Live and learn -- like hell 

When the 12 chimes of midnight are silenced and the New Year has been successfully toasted in, I'll be happy, but it will also feel like one of the best cats I ever had just got hit by a car. I loved 1998. I know everything has its time and the new kitten of 1999 deserves a chance, but I liked the old cat. I don't want to cradle its rotting corpse, but I'm not really ready to bury it, either. In the headlines and in my dayplanner 1998 had hustle in its muscle. It will be a hard act to follow.

Fortunately, I get to force the cat into one more game of Busy Balls before rigor mortis sets in, since it's the duty of columnists to play "review and resolve," reviewing the past year and resolving to make the next one better, composting the past to fertilize the future. In other words, to talk crap and hope it helps.

Repeat after me

"Review and resolve" is a form of learning from one's mistakes, which I don't buy into. Not repeating the same mistakes implies that you will be the same person encountering the same situations, which only happens to Bill Murray in "Groundhog Day," never in real life, which is always shifting like a lava lamp (provided yours isn't full of lumpy wax). Also, learning from your mistakes involves examining them repeatedly in detail, which is no good for your morale. You don't think Demi Moore got to be a huge megastar by constantly thinking "I was in "Blame it on Rio'" over and over, do you? Whatever "Blame it on Rios" you have in 1998's "in" basket that are making you feel small and stupid, just ignore them. I'm sure you did your best with what you had to work with, and it isn't your fault that you're surrounded by idiots who drove you to (a) drink until you fell into the litter box, or (b) laugh convulsively during that one funeral, or (c) fall for yet another person you had to explain to your friends with "he/she really isn't like that." You can't change the past, so just forget it ever happened.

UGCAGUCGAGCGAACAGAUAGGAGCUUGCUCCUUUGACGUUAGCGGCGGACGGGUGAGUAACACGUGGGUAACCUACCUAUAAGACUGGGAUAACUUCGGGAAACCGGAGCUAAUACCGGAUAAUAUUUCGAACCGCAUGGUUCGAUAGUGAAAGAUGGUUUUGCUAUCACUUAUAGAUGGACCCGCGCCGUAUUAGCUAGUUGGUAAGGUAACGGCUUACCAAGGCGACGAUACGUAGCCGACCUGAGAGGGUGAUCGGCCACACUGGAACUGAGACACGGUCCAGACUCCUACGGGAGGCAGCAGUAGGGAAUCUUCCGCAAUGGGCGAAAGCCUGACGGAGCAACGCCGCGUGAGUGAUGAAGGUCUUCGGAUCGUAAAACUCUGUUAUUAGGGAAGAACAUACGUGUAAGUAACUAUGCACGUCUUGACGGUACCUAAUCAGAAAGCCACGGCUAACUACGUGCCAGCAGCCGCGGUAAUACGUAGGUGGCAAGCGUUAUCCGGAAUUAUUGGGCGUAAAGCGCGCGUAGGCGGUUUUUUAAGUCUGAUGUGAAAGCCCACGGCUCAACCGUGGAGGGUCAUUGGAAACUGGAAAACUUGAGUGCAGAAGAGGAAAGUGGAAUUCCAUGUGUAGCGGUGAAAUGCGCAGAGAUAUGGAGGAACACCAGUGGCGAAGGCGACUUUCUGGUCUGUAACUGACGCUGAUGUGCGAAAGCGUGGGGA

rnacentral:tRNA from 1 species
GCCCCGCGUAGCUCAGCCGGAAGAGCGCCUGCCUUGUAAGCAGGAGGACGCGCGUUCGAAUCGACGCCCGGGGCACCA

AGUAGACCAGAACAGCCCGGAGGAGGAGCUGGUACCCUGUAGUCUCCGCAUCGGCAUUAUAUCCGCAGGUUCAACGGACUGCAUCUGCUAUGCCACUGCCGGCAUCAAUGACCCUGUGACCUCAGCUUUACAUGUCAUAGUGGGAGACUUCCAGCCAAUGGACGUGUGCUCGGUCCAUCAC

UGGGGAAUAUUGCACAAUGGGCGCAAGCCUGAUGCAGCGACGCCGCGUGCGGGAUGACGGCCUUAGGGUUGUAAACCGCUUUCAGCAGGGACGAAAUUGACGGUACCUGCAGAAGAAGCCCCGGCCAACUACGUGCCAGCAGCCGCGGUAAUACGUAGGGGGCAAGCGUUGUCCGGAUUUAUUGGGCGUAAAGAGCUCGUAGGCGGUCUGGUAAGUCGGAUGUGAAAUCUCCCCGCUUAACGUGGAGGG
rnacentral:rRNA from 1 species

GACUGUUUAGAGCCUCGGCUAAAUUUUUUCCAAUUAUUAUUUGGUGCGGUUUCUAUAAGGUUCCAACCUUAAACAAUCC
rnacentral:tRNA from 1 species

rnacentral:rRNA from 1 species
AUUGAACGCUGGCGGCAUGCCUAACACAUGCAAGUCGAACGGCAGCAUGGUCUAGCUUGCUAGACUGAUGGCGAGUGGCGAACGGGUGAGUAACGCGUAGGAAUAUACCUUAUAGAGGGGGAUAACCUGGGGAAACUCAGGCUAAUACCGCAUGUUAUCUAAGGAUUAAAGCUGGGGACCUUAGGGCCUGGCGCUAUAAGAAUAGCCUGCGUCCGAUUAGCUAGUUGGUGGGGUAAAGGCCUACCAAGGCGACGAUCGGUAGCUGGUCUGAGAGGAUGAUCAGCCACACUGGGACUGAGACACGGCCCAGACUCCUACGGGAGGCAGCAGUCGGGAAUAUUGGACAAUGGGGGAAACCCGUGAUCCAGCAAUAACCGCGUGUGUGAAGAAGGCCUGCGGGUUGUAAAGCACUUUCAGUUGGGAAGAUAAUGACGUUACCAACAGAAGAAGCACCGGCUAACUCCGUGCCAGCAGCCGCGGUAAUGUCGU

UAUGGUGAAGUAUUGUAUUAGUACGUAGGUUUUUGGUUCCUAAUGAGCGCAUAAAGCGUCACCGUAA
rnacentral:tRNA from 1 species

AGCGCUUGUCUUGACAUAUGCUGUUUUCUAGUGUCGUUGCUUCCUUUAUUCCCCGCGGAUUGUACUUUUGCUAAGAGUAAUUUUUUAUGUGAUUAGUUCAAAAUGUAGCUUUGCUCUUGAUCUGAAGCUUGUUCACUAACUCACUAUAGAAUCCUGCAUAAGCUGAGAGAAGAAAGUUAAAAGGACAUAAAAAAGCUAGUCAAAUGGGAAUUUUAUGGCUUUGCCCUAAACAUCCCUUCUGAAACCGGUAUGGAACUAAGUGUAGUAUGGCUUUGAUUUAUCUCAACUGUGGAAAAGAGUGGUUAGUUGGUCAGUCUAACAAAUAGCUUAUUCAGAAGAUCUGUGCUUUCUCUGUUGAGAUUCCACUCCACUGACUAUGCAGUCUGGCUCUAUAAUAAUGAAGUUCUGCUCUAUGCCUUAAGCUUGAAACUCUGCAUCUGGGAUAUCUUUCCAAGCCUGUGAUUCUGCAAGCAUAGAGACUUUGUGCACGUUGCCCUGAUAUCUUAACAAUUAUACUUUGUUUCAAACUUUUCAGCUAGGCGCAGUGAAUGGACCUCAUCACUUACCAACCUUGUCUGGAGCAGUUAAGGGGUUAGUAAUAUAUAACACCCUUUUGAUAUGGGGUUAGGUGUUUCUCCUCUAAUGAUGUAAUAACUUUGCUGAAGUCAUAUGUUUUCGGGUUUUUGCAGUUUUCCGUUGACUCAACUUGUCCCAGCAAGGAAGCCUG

It's the mistakes of others you want to examine and promise yourself you will never make. You only have to look at a burn victim to know that searching for a gas leak with a lighter is a bad idea; you don't need to try it yourself.

With that in mind, here are some highs and lows of '98, plus a few thoughts on how they might help you improve your '99:

Peak performances

• Discovery News: The Discovery Channel recently aired a special called "Our Favorite Fun Foods," detailing the histories of stuff like Twinkies, TV dinners and Pez. In a segment on Jell-O, the wobbly, wiggly food-toy was hooked up to an EEG machine and found to have the same brain waves as men. Think about that. You could well be tormenting yourself over whether Jell-O thinks you're cute. Stop it.

• Teletubbies: While you've been hard at work on the magnum opus that will reveal your shattering intellectual insights, some Brit made a mint dressing up people as fat, colorful ants and having them say "uh-oh!" Lighten up.

• Advertising: A local animal shelter is airing touching commercials profiling adorable dogs and cats for adoption. They mention they're right across the street from Flea World. Pay attention to detail.

• Hysteria: In Java more than 150 people were killed by vigilante groups convinced the victims were sorcerers with evil powers. Sometimes the decapitated heads were carried through the streets on pikes. Quit bitching about where you live.

• AOL: More fashionable to hate than disco ever was, but everyone has it. System often can't connect because "too many requests are pending." Get out of the chat rooms. Like my friend Herbie says: Nobody cares what you think about "Dawson's Creek."

• M-I-C ... See you in court ... K-E-Y ... Why? Because you're under arrest: Darlene Gillespie, one of the original Mouseketeers, was arrested on stock-fraud charges. Every day is "Anything Can Happen Day."

• Circumstance is evidence: In Miami in July a guy drowned in a 3-inch puddle after robbers knocked him unconscious. There was a witness, a deaf mute, who could have rescued him but feared the robbers and, I'm assuming, was unable to get help quickly. See? One minute you're riding your mountain bike, the next you're dead because there was a puddle on the ground. Not only are you robbed of the bike but of the chance to say and do all those things you were going to get around to doing when you had more time, which you just ran out of, bam, like that. Say what you have to say. Do what you need to do. When you meet your puddle, it's likely you won't be glad you kept your mouth shut. Oh, and fercrissakes, get a decent car.

That said, have a loud, obnoxious, visible, wide-awake 1999. Sure, it probably won't all end tomorrow. But how much are you willing to bet?

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